Snowflake is a small Arizona town of nearly 7,000, with a public school, charter school and Lutheran school. Next year, it will have its first microschool.
When local resident Laurie Cosper asked her pastor why the church did not have a school, he told her to start one.
“I guess they had tried to start one a couple of years ago, and then the people were just not the right people at the right time,” Cosper told The Lion. “Maybe, you know, God’s timing is always the best timing. And so he gave me all those papers and he says, ‘Make it happen.’”
Calvary Chapel Christian Academy Snowflake will begin with at least 11 students in the fall, with plans to grow.
The school is enrolling grades K-12 and will utilize a popular Christian curriculum called Abeka. The school will also have a STEAM focus (Science, Technology, Engineering, Arts, and Mathematics), where students prepare projects for their families each quarter of the academic year.
While the school is Christian and will teach from a “Biblical worldview,” it accepts students regardless of their family’s faith profession, its website states.
Christian schools are forming in the nearby city of Show Low, 20 miles away, but Cosper says she wants another Christian option for students in Snowflake.
Being in a rural town, which Cosper says is more conservative-leaning, she feels a responsibility to be “conservative, faith-based, and getting down to basics,” in contrast to other schools that teach progressive, left-leaning ideologies.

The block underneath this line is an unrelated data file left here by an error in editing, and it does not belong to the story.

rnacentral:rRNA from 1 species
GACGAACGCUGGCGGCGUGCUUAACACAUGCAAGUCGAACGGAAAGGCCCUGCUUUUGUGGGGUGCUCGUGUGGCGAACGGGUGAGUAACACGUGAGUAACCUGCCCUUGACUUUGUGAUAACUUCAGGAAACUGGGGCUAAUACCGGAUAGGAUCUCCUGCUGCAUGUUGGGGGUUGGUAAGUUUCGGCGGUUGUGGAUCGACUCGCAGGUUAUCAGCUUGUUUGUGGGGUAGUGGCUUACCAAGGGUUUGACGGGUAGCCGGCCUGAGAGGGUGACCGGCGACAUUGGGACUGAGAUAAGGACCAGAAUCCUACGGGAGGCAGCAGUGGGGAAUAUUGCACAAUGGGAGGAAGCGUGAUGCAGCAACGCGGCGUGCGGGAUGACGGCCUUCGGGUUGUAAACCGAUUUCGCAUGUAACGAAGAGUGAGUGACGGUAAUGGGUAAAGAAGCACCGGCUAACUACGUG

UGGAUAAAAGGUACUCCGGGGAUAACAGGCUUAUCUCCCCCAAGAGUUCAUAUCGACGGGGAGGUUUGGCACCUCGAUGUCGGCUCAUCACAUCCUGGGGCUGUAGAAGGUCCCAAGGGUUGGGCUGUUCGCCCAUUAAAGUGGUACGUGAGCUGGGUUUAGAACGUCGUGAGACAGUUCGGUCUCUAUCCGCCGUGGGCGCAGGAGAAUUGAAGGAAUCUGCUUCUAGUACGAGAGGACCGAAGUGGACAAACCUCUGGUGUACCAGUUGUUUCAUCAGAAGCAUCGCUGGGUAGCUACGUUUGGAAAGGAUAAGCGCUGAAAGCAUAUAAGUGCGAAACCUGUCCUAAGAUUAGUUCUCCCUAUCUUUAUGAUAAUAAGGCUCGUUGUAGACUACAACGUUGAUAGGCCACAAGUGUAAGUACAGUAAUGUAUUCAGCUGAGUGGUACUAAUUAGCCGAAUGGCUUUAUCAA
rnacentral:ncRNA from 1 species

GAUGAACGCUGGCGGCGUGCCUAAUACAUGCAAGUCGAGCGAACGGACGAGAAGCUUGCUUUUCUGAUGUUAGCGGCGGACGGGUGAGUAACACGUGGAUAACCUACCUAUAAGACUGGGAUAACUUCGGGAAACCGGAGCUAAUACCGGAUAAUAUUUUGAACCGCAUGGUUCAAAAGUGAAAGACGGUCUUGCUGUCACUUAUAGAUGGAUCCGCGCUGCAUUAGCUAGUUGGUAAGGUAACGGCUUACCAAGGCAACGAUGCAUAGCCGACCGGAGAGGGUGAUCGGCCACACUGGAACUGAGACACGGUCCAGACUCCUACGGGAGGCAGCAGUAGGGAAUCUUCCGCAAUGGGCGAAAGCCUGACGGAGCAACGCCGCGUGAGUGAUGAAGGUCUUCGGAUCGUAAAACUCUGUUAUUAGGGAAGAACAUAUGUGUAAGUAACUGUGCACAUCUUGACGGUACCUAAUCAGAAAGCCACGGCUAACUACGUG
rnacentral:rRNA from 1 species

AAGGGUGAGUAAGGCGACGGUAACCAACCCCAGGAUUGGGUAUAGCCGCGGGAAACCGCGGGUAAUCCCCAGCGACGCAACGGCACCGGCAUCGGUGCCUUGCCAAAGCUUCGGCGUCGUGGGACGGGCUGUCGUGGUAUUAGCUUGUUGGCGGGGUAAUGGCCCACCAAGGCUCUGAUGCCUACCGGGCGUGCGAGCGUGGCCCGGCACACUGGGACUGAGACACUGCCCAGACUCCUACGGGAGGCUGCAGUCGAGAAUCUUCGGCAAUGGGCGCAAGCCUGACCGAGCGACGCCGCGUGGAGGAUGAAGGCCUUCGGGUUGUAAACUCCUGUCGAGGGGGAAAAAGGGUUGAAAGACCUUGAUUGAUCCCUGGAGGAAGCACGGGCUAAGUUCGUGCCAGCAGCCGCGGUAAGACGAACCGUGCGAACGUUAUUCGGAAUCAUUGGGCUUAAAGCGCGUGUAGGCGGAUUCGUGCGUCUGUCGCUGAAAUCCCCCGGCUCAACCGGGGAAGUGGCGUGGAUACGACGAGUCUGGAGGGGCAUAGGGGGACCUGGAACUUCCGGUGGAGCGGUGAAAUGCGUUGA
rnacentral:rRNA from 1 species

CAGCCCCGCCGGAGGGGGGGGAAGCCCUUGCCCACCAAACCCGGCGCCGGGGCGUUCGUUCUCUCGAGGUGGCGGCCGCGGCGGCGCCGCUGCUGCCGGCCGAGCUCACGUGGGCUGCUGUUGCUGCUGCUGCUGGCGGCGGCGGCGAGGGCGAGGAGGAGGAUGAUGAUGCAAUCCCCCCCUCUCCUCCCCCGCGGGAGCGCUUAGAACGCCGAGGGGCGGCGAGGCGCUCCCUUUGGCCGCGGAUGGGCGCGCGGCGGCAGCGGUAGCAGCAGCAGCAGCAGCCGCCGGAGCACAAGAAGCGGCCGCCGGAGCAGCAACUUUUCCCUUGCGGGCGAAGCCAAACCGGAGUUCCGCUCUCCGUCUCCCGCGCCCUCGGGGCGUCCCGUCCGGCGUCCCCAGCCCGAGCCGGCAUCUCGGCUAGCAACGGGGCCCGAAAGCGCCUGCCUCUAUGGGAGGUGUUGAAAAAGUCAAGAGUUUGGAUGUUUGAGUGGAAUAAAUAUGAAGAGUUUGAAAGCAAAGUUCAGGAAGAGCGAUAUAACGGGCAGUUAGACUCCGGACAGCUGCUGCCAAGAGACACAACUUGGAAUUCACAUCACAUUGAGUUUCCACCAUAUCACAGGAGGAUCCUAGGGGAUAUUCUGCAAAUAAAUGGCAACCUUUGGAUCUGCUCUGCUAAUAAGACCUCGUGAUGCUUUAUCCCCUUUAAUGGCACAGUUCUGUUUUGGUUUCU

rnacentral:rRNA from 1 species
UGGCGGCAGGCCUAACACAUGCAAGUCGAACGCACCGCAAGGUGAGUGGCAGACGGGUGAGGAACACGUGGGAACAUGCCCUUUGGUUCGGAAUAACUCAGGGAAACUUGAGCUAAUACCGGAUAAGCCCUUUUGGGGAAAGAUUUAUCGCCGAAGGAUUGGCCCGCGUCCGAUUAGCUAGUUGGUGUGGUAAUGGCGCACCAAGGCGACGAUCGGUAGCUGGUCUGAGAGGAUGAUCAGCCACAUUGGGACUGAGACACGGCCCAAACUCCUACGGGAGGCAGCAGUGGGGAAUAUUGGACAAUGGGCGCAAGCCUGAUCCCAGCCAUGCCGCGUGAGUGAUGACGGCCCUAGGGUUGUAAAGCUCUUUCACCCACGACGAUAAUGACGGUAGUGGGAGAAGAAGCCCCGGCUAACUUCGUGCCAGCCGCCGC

“We can all see what’s happening in public schools with the critical race theory and the weirdness they’re doing with sex education, all the way down to kindergarten,” she said. “There are just highly inappropriate things happening in public schools, and they’re disguising it as social emotional health.”
And while some small towns may not be seeing it yet, the threat looms nearby in many cases, Cosper adds.
“A lot of people say, well, that’s not happening in Snowflake, but it is happening in Show Low.”
Educational choice in rural areas
The startup’s existence, along with the town’s other educational options, also flies in the face of those who argue “education choice will not benefit students in rural areas because there are no alternatives to the public school system” – an argument summarized in a report on education choice in rural American by the Heritage Foundation’s Jason Bedrick and Arizona Charter Schools Association’s Matthew Ladner.
Around seven in 10 rural families live within 10 miles of a private elementary school nationwide, according to Bedrick and Ladner.
And in Arizona, thanks to a school choice program that recently became universal, students may benefit from Empowerment Scholarship Accounts worth around $7,000 on average – funds which can help pay for private school tuition, which at Calvary Chapel, will run $6,500.